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Re: Honda Power Unit Hardware & Software

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There is much mention of turbocharger "size". Bear in mind that for the compressor alone there are two independent dimensions governing its performance.

The first is the outer diameter of the wheel or "tip diameter". This dimension will determine the pressure ratio (ie boost limit) the compressor is capable of (at a given shaft speed).

The other "dimension" is the flow cross-section area - most easily measured at the circular entry ie the diameter of the "inducer" part of the wheel. This dimension determines the flow limit (ie horsepower limit) of the compressor.

These two "dimensions" are varied independently when designing a compressor, depending on the boost and airflow required. A similar process applies to the turbine end of the turbocharger.
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godlameroso
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Re: Honda Power Unit Hardware & Software

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Dr. Acula wrote:
Mon Nov 18, 2019 4:38 pm
subcritical71 wrote:
Mon Nov 18, 2019 3:26 pm
Something to consider when discussing compressor sizing, and this is reading between the lines on my side. Generally a larger diameter compressor would give you more flow. But there are some limits other than speed/size to consider. If the Merc have a larger diameter compressor than Honda they very well may not be able to reach the max allowable RPM due to speed of sound limitations at the compressor tips (exceeding mach 1 in a compressor means an entirely different design). If the Honda have a smaller compressor they may be able to reach a higher RPM (closer to max allowed RPM) at high altitude density tracks and compensate for the density difference where the Merc or anyone with a larger diameter compressor cannot.
I don't think this really is the issue, because basically every turbocharger goes supersonic with its outer areas at full throttle.
We can calculate what would be the allowable diameter at 125000 rpm to stay subsonic, it's fairly easy. At least i think i got it right or its gonna be really embarassing...



So a maximum diameter of basically 5cm would be possible...I don't think any F1 manufacturer runs a turbo that small.

It's a common misconception that the blades of the compressor or fan needs to stay subsonic. If you look up the max rpm values for the fan of modern turbofan engines for instance, you will see they go far into the supersonic speed regime with their outer circumferential speed.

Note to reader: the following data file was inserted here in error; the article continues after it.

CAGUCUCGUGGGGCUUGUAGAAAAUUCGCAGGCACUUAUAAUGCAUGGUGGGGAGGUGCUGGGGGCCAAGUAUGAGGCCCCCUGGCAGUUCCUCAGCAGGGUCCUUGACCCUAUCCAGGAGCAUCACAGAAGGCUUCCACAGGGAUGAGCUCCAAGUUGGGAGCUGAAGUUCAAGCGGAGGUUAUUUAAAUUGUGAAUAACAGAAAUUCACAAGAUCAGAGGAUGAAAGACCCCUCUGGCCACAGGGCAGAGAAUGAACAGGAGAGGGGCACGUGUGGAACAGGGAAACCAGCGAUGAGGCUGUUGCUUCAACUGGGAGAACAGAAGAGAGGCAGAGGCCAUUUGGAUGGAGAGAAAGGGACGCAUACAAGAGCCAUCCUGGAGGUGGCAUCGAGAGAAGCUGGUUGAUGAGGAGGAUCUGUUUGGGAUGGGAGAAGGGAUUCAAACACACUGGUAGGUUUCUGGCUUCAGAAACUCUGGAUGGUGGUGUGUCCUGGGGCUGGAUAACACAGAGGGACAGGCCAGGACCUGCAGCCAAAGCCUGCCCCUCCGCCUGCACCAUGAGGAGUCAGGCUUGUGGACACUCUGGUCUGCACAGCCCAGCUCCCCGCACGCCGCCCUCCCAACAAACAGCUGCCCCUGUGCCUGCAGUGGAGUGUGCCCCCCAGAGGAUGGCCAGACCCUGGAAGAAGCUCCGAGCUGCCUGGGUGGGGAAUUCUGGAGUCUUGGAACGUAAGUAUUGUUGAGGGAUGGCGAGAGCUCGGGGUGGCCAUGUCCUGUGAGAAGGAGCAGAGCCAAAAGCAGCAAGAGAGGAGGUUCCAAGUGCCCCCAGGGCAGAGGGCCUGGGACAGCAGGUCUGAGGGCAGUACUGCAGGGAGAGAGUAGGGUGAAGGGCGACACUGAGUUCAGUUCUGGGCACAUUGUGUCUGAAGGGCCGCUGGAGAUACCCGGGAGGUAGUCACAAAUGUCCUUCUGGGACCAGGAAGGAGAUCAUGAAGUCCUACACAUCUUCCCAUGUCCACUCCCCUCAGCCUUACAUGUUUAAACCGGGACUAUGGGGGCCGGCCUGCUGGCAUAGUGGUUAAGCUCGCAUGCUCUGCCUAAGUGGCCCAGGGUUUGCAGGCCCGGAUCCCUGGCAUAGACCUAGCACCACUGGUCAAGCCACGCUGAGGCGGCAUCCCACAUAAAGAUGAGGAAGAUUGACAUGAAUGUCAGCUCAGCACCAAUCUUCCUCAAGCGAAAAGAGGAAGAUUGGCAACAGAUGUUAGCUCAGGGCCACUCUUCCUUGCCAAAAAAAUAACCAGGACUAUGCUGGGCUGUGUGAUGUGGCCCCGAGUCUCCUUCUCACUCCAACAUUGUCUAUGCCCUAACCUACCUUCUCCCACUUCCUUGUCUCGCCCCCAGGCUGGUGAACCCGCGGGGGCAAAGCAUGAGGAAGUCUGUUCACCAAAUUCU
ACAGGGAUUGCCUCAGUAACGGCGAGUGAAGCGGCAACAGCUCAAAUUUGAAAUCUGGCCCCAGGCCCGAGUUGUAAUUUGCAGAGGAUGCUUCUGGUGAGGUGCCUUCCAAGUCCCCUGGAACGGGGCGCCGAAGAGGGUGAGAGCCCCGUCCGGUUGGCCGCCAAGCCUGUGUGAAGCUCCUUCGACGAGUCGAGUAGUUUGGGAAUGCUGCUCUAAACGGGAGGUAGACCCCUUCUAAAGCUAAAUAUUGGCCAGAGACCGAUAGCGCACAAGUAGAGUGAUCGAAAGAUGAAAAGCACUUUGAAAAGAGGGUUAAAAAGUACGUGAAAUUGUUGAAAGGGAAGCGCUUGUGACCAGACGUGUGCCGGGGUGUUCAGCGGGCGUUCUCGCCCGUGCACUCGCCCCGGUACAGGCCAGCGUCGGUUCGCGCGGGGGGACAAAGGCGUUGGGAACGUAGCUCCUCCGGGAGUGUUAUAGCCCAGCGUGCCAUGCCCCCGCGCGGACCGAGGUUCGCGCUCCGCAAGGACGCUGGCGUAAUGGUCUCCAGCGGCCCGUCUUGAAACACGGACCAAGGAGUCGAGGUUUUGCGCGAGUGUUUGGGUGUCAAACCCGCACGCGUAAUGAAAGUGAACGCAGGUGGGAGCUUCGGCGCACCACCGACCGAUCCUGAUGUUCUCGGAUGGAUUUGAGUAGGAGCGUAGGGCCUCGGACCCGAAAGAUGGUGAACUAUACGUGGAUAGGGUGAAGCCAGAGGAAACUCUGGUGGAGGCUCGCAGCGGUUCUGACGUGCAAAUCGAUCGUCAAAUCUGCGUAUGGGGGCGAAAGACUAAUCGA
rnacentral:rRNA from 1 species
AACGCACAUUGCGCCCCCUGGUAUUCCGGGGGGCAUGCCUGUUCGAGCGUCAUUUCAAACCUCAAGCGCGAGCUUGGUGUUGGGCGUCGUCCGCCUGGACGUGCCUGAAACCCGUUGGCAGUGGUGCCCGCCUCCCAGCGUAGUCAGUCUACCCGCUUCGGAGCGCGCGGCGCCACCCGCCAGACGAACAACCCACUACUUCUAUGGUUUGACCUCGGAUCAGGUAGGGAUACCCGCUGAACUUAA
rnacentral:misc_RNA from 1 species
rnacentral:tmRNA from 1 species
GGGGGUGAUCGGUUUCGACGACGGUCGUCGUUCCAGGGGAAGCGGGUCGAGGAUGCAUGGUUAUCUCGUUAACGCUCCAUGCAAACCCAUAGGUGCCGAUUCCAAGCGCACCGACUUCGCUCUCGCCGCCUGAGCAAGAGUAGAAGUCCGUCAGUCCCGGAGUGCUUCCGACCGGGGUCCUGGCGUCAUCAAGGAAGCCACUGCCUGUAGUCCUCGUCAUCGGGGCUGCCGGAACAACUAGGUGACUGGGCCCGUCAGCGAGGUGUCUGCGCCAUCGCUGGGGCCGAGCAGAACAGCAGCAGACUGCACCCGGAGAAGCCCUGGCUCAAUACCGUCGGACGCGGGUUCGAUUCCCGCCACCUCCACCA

What is importent though is that the airflow stays subsonic, but the speed of the airflow does not perfectly corrolate with the speed of the blades.
Turbo airflow is very much supersonic in regions of the blades. Turbos operate in a regime where air is a compressible fluid after all.
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McMika98
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Re: Honda Power Unit Hardware & Software

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Honda should have two versions of turbo for next year, compact for high altitude circuits and larger for normal circuits. Vettel could not get past Albon with the slipstream, the engine was quite something.

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Big Tea
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Re: Honda Power Unit Hardware & Software

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McMika98 wrote:
Tue Nov 19, 2019 8:47 pm
Honda should have two versions of turbo for next year, compact for high altitude circuits and larger for normal circuits. Vettel could not get past Albon with the slipstream, the engine was quite something.
It would count as one more 'unit' used though.
One test is worth a thousand expert opinions

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etusch
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Re: Honda Power Unit Hardware & Software

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McMika98 wrote:
Tue Nov 19, 2019 8:47 pm
Honda should have two versions of turbo for next year, compact for high altitude circuits and larger for normal circuits. Vettel could not get past Albon with the slipstream, the engine was quite something.
You are the one who must replace Helmut Marko as adviser but not only for Redbull, for Honda as well

PhillipM
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Re: Honda Power Unit Hardware & Software

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I think it's already pretty likely that teams have revisions like that already in the PU plan - I'd be amazed if everyone didn't.

McMika98
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Re: Honda Power Unit Hardware & Software

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Big Tea wrote:
Tue Nov 19, 2019 8:50 pm
McMika98 wrote:
Tue Nov 19, 2019 8:47 pm
Honda should have two versions of turbo for next year, compact for high altitude circuits and larger for normal circuits. Vettel could not get past Albon with the slipstream, the engine was quite something.
It would count as one more 'unit' used though.
They are allowed 3 turbos per year, and Honda never had issues woth the turbo so far.

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Big Tea
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Re: Honda Power Unit Hardware & Software

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McMika98 wrote:
Wed Nov 20, 2019 10:12 pm
Big Tea wrote:
Tue Nov 19, 2019 8:50 pm
McMika98 wrote:
Tue Nov 19, 2019 8:47 pm
Honda should have two versions of turbo for next year, compact for high altitude circuits and larger for normal circuits. Vettel could not get past Albon with the slipstream, the engine was quite something.
It would count as one more 'unit' used though.
They are allowed 3 turbos per year, and Honda never had issues woth the turbo so far.
This would leave them with just the 2 though, and only one to develop before fitting.
One test is worth a thousand expert opinions